Oetzi3300 Madlib Review

Posted: October 31, 2011 in Barefoot, Fitness, Health, Life, Primal, Reviews, Shoes, Society, Work
Tags: , , , , , , , ,

Let’s be honest Puffins, the minimalist shoe market is booming.

Nothing like a new pair of kicks fresh out of the box.

It seems that every Joe schmo shoe company is trying to create the next awesome minimalist running shoe.

While that’s super awesome and what not, the average person doesn’t make their living from running. Most of us have a 9-5 job to pay our bills, and no matter how hard you try to make them, toe shoes, huaraches, and racing shoes are not business appropriate. Unfortunately, for the 9-5er’s there aren’t a ton of options out there for work appropriate shoes. Enter the Oetzi3300 line and their Madlib model.

Not exactly 0 drop. Good thing it's removable



The one thing that the entire Oetzi3300 line offers is the antimicrobial corkbed insert. These are meant to function much like the Birkenstock foot bed and mold to your foot. Unfortunatley, they aren’t exactly 0 drop. Before you ask, no I didn’t measure it because it’s not something that I even bothered testing. It’s not something that I look for in a minimalist shoe, and the first thing I did was pull the insert out. I know people rave over their Birkenstocks, and I’m sure this would make a great feature if it were something that you were looking for. However, anyone looking for a minimalist shoe will do just like me and pull them out. Perhaps Oetzi3300 could offer a price reduction if you ask to leave them out of your shoes. Just a thought guys.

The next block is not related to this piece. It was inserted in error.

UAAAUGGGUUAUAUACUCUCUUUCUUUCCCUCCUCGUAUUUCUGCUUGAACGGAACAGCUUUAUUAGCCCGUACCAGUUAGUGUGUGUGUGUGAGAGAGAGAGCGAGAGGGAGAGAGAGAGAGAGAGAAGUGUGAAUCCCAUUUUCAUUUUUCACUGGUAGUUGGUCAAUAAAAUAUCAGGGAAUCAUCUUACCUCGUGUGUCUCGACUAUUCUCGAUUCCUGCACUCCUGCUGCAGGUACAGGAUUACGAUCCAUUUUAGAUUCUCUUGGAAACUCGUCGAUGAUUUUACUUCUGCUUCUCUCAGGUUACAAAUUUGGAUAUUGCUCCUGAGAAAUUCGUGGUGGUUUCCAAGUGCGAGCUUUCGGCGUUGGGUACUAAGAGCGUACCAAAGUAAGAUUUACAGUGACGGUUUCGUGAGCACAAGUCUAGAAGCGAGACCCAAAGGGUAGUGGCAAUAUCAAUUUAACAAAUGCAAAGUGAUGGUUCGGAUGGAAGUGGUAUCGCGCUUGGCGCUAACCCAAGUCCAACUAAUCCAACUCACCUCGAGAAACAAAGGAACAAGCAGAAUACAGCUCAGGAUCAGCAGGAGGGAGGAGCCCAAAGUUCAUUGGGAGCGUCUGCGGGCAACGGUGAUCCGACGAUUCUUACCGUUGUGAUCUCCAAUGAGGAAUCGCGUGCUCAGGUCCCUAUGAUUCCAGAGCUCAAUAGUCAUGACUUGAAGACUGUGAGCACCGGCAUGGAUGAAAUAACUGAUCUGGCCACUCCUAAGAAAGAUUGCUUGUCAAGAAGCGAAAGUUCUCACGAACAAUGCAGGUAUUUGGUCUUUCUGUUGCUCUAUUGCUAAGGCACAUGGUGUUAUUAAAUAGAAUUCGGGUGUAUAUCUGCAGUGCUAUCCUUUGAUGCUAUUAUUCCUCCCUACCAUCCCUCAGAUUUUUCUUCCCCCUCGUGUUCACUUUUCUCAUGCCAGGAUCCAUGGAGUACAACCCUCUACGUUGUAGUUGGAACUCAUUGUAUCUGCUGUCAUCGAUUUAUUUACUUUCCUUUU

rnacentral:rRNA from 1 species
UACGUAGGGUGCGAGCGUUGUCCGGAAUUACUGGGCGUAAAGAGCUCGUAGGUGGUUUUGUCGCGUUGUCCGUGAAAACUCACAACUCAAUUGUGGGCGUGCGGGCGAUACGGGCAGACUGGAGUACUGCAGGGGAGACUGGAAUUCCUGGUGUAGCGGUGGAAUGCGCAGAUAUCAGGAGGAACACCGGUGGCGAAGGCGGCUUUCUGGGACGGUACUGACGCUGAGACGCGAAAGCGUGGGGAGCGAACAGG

Once that insert is pulled out the shoe reverts to a 0 drop shoe. Thanks to the stitching technique that is used to hold the sole to the bottom of the shoe, some doctoring had to be done to the footbed, after the corkbed is taken out, to remove a few sharp strands of thread. The sharpness came from the glue used to hold the strings down. Once the strings were removed, the footbed was nice and smooth. This made for a very comfortable ride while barefoot, and an even more comfortable ride with dress socks on.